Confused by the official-looking, scary-sounding, stress-inducing language on your credit card statements or the credit card offers you get in the mail? You’re not alone.
According to creditcards.com, four out of five Americans don’t possess the reading skills required to understand credit card agreements.
A lot of experts think credit card companies intentionally make their documents hard to understand. The less consumers understand about interest rates and fees, the more likely it is that they’ll end up paying more than they need to in order to borrow money.
We don’t want you to pay an extra penny, so with the help of Bruce McClary, Vice President of Communications at the National Foundation for Credit Counseling, here is the most common credit card terminology, explained.
The yearly charge some companies add onto your credit card statement in return for managing your account.
“Look around before getting a card with a fee,” Bruce says. “Can you find equivalent without fees?”
An annual fee may be hard to avoid if you’re using a credit card that offers rewards. “Rewards may be worth it if you pay off balances fast and use the card enough to generate rewards,” Bruce says. “You have to figure out if the rewards offset what you pay in fees.”
APR (Annual Percentage Rate)
The yearly interest rate used to calculate how much in interest charges will be tacked onto the consumer’s statement each month the balance isn’t paid in full by the due date.
The APR on your credit card is determined in part by your credit score and history. Lenders assign APRs based on how risky they think it is to loan you money. The lower your credit score is, the higher your APR may be.
“For example, the average APR this week according to creditcards.com is 15 percent,” Bruce says. “Your credit card, however, may have a 25 percent APR.”
In this scenario, the consumer has a higher APR because the lender thinks loaning this person money is riskier than loaning money to the average person.
The process of moving an unpaid credit card (or credit cards) debt from one company (Company A) to another (Company B).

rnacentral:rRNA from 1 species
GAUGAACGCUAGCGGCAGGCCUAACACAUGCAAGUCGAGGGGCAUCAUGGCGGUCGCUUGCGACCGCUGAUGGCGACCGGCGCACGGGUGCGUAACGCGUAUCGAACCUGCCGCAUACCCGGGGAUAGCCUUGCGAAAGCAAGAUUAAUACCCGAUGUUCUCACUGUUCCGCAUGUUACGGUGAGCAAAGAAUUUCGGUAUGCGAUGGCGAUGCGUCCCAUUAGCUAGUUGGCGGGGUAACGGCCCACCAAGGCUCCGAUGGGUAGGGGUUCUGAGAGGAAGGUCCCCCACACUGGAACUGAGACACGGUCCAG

Company B will essentially pay off the balance you owe to Company A.
That balance doesn’t just disappear though—you’ll start making payments to Company B instead of Company A.
A balance transfer may be a good financial move if Company B offers a lower APR than Company A, and you can pay off the balance during the introductory transfer rate period (often six months to 18 months).
Company B will often charge you a one time fee for paying off your debt to Company A, usually 3 percent of the amount transferred.
Your credit history is a snapshot of your financial situation that includes how much debt you carry from a variety of sources (credit card companies, home loans, auto loans, student loans, etc.) and how timely (or not) you’ve been in the past when it comes to paying off these loans.
By law, Americans can request their own credit reports for free once per year from the three big credit bureaus (Experian, TransUnion, and Equifax).
The credit limit is the maximum amount of money you can spend on a credit card. If you go over this amount, the lender will usually charge you a fee.
Getting close to your credit limit may negatively impact your credit score. “It’s hard to pinpoint exactly how close you can get to your credit limit without it hurting your credit score,” Bruce says. “To play it safe, you’d want to only use about 20 to 40 percent of your available credit. The closer you get to the credit limit, the more it makes you look like a risk because you’re in danger of going over.”